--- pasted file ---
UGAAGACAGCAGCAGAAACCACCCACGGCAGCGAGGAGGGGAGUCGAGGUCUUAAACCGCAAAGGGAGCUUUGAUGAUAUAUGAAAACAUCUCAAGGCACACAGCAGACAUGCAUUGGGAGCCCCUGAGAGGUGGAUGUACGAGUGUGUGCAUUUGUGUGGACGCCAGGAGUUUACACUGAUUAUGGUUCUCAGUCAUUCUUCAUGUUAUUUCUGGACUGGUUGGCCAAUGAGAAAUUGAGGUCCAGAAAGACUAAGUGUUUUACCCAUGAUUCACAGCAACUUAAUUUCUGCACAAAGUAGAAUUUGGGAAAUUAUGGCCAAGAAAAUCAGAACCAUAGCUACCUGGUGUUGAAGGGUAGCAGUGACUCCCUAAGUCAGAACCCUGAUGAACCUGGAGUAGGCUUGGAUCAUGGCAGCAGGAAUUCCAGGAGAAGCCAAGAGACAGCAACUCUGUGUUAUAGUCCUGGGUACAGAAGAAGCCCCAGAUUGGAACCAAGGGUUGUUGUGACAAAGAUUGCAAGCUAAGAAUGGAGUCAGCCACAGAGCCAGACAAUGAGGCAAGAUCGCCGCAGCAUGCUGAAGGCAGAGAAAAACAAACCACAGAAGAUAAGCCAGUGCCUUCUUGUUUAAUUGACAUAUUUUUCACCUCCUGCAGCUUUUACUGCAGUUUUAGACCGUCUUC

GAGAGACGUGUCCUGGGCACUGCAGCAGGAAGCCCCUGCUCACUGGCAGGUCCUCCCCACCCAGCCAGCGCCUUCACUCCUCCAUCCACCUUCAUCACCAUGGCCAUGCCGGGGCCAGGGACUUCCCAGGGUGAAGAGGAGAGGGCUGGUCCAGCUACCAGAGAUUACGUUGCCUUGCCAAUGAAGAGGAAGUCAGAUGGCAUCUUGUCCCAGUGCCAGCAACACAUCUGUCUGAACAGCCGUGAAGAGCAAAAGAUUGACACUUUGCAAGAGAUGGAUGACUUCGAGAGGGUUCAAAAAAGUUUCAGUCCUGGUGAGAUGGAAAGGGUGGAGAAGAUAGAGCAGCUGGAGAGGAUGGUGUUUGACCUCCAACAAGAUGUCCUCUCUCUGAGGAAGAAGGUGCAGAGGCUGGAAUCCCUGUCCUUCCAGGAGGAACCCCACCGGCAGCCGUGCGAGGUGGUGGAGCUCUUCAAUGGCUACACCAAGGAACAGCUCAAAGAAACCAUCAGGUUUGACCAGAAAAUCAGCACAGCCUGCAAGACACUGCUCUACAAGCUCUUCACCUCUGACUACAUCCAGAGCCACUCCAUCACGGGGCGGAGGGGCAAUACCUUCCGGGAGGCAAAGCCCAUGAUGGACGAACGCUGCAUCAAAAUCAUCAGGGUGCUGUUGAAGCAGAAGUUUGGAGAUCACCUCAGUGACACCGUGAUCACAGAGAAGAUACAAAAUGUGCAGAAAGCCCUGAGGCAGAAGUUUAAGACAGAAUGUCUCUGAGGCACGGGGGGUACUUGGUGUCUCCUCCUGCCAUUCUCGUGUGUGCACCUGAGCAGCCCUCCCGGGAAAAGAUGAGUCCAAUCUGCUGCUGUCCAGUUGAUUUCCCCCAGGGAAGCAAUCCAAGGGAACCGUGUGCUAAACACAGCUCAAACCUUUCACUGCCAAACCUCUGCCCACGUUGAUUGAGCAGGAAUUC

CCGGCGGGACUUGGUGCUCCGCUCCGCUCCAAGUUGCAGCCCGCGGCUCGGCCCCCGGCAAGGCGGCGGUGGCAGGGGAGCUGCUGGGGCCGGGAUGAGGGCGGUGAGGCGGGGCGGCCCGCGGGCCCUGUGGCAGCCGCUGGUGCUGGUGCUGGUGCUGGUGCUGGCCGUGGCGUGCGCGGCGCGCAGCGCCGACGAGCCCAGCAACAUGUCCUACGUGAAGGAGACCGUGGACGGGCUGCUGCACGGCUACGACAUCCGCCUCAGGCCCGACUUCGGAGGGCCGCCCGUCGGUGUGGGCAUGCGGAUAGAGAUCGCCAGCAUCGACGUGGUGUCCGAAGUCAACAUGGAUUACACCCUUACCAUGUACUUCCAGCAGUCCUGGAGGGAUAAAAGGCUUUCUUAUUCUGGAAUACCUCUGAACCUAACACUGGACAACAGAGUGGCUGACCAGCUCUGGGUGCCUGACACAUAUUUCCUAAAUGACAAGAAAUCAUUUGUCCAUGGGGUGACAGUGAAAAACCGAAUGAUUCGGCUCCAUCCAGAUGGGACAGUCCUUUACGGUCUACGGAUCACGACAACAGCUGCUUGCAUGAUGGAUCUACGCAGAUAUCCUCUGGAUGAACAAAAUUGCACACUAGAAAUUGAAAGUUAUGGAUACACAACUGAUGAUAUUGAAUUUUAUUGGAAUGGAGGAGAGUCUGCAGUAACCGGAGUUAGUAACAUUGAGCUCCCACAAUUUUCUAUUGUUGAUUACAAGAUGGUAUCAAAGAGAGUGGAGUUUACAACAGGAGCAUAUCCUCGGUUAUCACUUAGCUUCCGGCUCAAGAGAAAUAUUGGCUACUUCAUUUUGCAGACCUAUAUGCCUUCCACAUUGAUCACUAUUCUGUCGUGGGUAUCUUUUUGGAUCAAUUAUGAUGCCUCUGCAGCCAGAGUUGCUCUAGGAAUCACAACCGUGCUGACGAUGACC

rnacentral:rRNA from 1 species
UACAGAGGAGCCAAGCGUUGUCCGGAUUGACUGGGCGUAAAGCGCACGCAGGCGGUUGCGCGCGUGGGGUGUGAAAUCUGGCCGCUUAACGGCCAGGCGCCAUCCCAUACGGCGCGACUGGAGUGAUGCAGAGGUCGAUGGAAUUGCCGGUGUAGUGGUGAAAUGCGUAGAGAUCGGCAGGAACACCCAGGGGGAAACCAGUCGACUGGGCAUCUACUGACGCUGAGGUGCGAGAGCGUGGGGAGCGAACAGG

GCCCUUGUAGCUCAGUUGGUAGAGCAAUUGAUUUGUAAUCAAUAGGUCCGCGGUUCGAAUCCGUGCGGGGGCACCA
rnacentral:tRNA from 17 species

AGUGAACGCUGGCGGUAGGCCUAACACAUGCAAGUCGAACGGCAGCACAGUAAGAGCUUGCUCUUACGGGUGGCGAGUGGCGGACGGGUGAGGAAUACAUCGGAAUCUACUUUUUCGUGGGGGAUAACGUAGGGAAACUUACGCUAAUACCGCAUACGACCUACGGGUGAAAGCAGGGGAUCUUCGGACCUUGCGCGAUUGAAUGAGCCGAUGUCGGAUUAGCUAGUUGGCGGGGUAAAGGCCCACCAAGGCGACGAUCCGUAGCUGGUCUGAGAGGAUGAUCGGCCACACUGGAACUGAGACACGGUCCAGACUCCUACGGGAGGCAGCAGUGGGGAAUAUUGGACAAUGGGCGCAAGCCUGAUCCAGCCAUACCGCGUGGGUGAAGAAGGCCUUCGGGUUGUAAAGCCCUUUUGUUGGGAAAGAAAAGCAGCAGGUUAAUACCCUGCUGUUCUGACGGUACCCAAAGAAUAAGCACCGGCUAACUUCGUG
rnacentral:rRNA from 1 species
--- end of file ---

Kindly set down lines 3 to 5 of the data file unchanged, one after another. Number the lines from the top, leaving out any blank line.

CCGGCGGGACUUGGUGCUCCGCUCCGCUCCAAGUUGCAGCCCGCGGCUCGGCCCCCGGCAAGGCGGCGGUGGCAGGGGAGCUGCUGGGGCCGGGAUGAGGGCGGUGAGGCGGGGCGGCCCGCGGGCCCUGUGGCAGCCGCUGGUGCUGGUGCUGGUGCUGGUGCUGGCCGUGGCGUGCGCGGCGCGCAGCGCCGACGAGCCCAGCAACAUGUCCUACGUGAAGGAGACCGUGGACGGGCUGCUGCACGGCUACGACAUCCGCCUCAGGCCCGACUUCGGAGGGCCGCCCGUCGGUGUGGGCAUGCGGAUAGAGAUCGCCAGCAUCGACGUGGUGUCCGAAGUCAACAUGGAUUACACCCUUACCAUGUACUUCCAGCAGUCCUGGAGGGAUAAAAGGCUUUCUUAUUCUGGAAUACCUCUGAACCUAACACUGGACAACAGAGUGGCUGACCAGCUCUGGGUGCCUGACACAUAUUUCCUAAAUGACAAGAAAUCAUUUGUCCAUGGGGUGACAGUGAAAAACCGAAUGAUUCGGCUCCAUCCAGAUGGGACAGUCCUUUACGGUCUACGGAUCACGACAACAGCUGCUUGCAUGAUGGAUCUACGCAGAUAUCCUCUGGAUGAACAAAAUUGCACACUAGAAAUUGAAAGUUAUGGAUACACAACUGAUGAUAUUGAAUUUUAUUGGAAUGGAGGAGAGUCUGCAGUAACCGGAGUUAGUAACAUUGAGCUCCCACAAUUUUCUAUUGUUGAUUACAAGAUGGUAUCAAAGAGAGUGGAGUUUACAACAGGAGCAUAUCCUCGGUUAUCACUUAGCUUCCGGCUCAAGAGAAAUAUUGGCUACUUCAUUUUGCAGACCUAUAUGCCUUCCACAUUGAUCACUAUUCUGUCGUGGGUAUCUUUUUGGAUCAAUUAUGAUGCCUCUGCAGCCAGAGUUGCUCUAGGAAUCACAACCGUGCUGACGAUGACC

rnacentral:rRNA from 1 species
UACAGAGGAGCCAAGCGUUGUCCGGAUUGACUGGGCGUAAAGCGCACGCAGGCGGUUGCGCGCGUGGGGUGUGAAAUCUGGCCGCUUAACGGCCAGGCGCCAUCCCAUACGGCGCGACUGGAGUGAUGCAGAGGUCGAUGGAAUUGCCGGUGUAGUGGUGAAAUGCGUAGAGAUCGGCAGGAACACCCAGGGGGAAACCAGUCGACUGGGCAUCUACUGACGCUGAGGUGCGAGAGCGUGGGGAGCGAACAGG